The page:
Wealth inequality is an increasingly severe problem in the US, as essentially all wealth being created is going to the stock market – and the owners of increasingly powerful megacorporations – instead of to workers. However, the tax code in the US only assesses capital gains upon sale, so there’s various approaches being discussed to assess unrealized capital gains, such as wealth taxes. I’m suggesting a more oblique – and in my opinion, simpler, philosophically – approach.
My approach is quite simply: when you use a share of a stock, you’re realizing its value, and should therefore pay taxes on any gains at that point based on that. This works in a surprising array of situations:
- Receiving a dividend? If you didn’t own the share before the ex-date, you wouldn’t receive that dividend, and therefore you’ve realized the value of the share as of the day before the ex-date. (Note that this is in addition to the income realized from the dividend.)
- Exercising the voting rights at a shareholder meeting? Again, you have to own the share as of a certain date to exercise those voting rights, so you realize the value of the share as of that date. I will note that this one’s a bit more complex in practice, as it effectively acts as a literal poll tax on, say, workers who own shares of their employers voting on their management. However, this could be worked around through various ways of means testing – allowing non-executive (or non-management if you want to draw the line there) workers to not realize gains when voting, having a minimum amount of unrealized capital gains under which voting rights do not realize gains, or tying it to income in general.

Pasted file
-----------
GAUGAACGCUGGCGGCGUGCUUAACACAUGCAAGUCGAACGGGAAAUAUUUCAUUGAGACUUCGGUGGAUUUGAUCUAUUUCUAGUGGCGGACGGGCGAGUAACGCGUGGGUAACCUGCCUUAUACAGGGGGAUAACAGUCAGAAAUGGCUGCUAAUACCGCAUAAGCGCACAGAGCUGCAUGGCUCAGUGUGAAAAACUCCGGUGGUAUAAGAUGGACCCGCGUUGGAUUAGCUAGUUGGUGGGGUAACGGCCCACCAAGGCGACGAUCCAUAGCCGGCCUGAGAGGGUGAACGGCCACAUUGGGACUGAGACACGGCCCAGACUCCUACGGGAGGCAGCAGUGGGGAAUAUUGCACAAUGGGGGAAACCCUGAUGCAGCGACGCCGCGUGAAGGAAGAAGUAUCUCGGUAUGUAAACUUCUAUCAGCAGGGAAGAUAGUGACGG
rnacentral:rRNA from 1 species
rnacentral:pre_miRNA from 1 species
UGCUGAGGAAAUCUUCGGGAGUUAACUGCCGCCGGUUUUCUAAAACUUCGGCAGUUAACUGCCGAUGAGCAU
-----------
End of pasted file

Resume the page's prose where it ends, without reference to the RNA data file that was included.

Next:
- And, the big one: using shares as collateral for a loan? Well, if you didn’t have those shares, you wouldn’t have that collateral to hand over, and therefore you’ve realized the value. That deals neatly with the way that billionaires abuse loans to avoid having to realize gains.
Note that I’d only realize gains upon use, not losses. This is important to reduce fuckery around manipulating stock prices to minimize tax burden – the losses would remain unrealized until sale, or the value increases and they become gains. (And, the existing rules around wash sales are also important, to avoid games with selling shares at a loss and buying them back immediately.) Essentially, if you use a share and it’s worth more than the cost basis, the difference is capital gains and you pay taxes on that income, and the cost basis is reset to the new higher value.
There is also a complaint that is commonly made about wealth taxes, and that would apply to this, though, and it boils down to this: “but if you make billionaires pay taxes, they’ll be forced to sell their companies to China to pay the taxes!” I have another simple approach for that: if you realize gains in a stock, in lieu of the taxes, you can distribute shares equally to the workers of that company (likely using a similar means test to determine who is a “worker” as the test for workers being exempt from realizing capital gains when voting their shares) equal to the value of the taxes that you would have had to pay for capital gains in that company. This helps offset any concerns about billionaires being forced to sell companies off to hostile third-parties, as well as bolstering worker ownership of the means of production.